The Rhode Island Department of Transportation has put out a request for information seeking companies that work with connected/autonomous vehicle (CAV) technology to help improve the state's transportation systems, according to Equipment World.
Due July 12, the RFI asks interested companies to offer details on potential partnership opportunities, safety and security programs, environmental conditions and professional training needs as well as potential impacts relative to how the state plans and executes capital projects.
- Officials hope such technology will spur economic development in the state. The RFI also asks for ideas on implementing on-demand ride-share programs and high-speed transportation.
The driverless cars of the future may not be so far off, with the U.S. and other countries rapidly developing CAV technology. In April, AECOM, along with partner organizations in the Capri Consortium, announced the development of pods on-demand (PODs), a program that would join the U.K.'s autonomous vehicle pilot project. The project could bring such technology closer to connected vehicle use on a smaller scale, in settings such as hospitals, airports, retail, business parks and tourist centers.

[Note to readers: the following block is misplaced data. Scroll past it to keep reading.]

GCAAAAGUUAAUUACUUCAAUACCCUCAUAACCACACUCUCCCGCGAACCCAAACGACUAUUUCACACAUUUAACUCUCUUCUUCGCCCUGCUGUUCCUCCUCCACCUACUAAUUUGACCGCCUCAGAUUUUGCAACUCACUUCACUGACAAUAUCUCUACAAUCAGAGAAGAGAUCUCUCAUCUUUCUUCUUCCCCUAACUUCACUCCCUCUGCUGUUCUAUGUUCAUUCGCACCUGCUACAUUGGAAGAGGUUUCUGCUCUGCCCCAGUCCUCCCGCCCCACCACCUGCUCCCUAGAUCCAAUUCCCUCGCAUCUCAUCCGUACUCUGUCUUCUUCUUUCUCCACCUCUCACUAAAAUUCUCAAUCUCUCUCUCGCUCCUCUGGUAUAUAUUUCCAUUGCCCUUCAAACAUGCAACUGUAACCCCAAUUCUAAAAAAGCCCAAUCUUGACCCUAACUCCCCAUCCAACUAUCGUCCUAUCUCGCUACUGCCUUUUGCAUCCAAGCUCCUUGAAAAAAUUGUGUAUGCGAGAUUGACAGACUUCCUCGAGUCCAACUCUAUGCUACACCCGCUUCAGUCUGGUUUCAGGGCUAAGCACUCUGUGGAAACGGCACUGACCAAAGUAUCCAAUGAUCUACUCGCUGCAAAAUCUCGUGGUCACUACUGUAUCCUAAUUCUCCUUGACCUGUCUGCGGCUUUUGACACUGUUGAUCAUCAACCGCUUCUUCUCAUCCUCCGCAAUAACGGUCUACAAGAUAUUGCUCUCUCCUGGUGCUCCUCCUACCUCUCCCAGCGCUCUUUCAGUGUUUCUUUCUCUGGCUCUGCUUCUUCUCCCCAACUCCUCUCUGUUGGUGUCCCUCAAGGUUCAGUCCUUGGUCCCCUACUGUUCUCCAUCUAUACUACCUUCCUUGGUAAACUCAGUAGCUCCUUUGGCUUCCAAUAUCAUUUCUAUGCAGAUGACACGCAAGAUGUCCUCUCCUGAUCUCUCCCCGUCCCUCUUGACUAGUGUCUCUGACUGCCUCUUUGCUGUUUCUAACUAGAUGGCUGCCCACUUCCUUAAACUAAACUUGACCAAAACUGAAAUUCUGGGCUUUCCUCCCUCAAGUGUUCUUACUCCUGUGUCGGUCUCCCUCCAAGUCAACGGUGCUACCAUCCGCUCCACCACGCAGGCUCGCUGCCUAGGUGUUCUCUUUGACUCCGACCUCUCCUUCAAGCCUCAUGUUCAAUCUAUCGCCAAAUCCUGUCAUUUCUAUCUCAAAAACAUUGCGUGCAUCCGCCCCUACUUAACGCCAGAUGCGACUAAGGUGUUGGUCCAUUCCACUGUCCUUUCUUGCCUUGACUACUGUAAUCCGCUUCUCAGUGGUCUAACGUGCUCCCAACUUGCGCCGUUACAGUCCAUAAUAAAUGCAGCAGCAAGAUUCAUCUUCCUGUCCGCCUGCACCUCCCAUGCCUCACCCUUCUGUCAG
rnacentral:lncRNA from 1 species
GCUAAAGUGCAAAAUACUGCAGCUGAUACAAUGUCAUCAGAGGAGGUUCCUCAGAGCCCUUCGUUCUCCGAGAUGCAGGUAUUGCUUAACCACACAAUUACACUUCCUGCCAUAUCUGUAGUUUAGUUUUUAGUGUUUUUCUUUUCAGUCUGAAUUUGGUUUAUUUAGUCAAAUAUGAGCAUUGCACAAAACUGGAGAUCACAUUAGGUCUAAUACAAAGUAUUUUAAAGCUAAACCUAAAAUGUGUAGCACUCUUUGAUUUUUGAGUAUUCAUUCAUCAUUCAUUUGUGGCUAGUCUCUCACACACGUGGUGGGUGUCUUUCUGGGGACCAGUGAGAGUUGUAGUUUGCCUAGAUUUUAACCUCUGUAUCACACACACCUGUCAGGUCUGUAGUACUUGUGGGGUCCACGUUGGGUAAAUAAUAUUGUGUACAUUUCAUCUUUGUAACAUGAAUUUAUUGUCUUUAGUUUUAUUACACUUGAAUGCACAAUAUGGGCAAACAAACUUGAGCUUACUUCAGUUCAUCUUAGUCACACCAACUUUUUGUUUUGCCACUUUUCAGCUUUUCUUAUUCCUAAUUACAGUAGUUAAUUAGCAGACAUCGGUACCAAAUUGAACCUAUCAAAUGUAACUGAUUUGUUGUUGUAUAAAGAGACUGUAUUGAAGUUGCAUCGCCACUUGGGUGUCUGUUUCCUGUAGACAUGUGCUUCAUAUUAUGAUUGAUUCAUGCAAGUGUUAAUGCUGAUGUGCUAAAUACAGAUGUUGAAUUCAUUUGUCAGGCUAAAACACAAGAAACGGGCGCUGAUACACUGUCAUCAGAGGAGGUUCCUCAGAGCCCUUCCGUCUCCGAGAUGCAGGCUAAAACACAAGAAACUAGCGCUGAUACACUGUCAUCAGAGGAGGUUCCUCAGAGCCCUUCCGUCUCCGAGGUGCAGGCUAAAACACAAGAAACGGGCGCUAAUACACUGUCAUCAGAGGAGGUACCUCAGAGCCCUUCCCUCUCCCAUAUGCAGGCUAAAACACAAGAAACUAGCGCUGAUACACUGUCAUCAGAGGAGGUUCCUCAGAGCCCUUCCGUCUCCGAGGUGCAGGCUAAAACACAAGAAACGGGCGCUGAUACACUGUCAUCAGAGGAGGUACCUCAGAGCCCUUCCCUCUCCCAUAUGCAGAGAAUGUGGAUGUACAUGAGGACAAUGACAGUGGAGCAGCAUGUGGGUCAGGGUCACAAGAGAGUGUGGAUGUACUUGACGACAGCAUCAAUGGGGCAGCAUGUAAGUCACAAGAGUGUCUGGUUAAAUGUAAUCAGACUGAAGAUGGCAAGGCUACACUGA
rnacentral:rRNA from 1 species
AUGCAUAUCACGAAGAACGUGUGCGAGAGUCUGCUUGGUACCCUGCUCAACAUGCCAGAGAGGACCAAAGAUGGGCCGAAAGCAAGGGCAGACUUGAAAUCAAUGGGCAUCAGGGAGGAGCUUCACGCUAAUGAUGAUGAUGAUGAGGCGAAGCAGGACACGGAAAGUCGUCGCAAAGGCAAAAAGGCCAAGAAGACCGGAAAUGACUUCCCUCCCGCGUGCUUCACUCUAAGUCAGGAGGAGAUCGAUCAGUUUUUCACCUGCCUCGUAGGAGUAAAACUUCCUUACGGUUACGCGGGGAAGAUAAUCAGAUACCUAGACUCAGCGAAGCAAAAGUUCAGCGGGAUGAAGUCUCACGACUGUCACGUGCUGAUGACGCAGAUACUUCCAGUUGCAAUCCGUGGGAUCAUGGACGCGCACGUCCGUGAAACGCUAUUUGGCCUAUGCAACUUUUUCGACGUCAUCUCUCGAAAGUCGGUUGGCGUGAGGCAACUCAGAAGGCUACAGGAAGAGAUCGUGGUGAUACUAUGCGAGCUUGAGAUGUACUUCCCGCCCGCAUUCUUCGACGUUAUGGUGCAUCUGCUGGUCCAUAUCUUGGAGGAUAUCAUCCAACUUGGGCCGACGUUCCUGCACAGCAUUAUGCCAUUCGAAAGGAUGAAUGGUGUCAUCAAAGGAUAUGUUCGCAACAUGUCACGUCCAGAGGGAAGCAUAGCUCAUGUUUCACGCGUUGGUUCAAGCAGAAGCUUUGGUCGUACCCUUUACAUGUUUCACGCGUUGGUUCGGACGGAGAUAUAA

Among U.S. states, Georgia is making inroads in smart-highway and vehicle technology. The state is outfitting a 16-mile stretch of Interstate 85 with road sensors, solar pavement and other electronic and autonomous vehicle technologies. And in Ohio, a 35-mile corridor of Interstate 33 is being similarly outfitted with sensors to collect traffic and weather data, as well as autonomous vehicle technology.
Some companies are wading into the autonomous vehicle market, with ride-sharing services like Uber undertaking driverless pilot programs and hiring on management to oversee development in the space. Still, such initiatives are in their early stages and concerns over safety and the need for human intervention, particularly in poor driving conditions, will continue to be major focus as autonomous vehicle technology progresses.